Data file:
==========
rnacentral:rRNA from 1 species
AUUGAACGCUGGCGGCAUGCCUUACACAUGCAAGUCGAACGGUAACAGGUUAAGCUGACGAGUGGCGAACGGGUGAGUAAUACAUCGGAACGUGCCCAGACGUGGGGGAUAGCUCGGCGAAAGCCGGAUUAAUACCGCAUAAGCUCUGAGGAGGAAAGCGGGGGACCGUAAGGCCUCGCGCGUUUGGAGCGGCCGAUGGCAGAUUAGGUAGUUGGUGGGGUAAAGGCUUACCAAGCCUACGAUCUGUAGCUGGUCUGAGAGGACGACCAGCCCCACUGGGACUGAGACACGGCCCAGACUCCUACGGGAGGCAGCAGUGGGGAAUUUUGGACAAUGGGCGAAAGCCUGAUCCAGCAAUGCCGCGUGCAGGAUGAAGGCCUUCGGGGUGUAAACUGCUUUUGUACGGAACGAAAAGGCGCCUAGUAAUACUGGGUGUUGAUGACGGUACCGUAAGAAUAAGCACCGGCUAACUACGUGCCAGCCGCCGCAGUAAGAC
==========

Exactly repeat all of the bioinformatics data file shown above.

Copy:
rnacentral:rRNA from 1 species
AUUGAACGCUGGCGGCAUGCCUUACACAUGCAAGUCGAACGGUAACAGGUUAAGCUGACGAGUGGCGAACGGGUGAGUAAUACAUCGGAACGUGCCCAGACGUGGGGGAUAGCUCGGCGAAAGCCGGAUUAAUACCGCAUAAGCUCUGAGGAGGAAAGCGGGGGACCGUAAGGCCUCGCGCGUUUGGAGCGGCCGAUGGCAGAUUAGGUAGUUGGUGGGGUAAAGGCUUACCAAGCCUACGAUCUGUAGCUGGUCUGAGAGGACGACCAGCCCCACUGGGACUGAGACACGGCCCAGACUCCUACGGGAGGCAGCAGUGGGGAAUUUUGGACAAUGGGCGAAAGCCUGAUCCAGCAAUGCCGCGUGCAGGAUGAAGGCCUUCGGGGUGUAAACUGCUUUUGUACGGAACGAAAAGGCGCCUAGUAAUACUGGGUGUUGAUGACGGUACCGUAAGAAUAAGCACCGGCUAACUACGUGCCAGCCGCCGCAGUAAGAC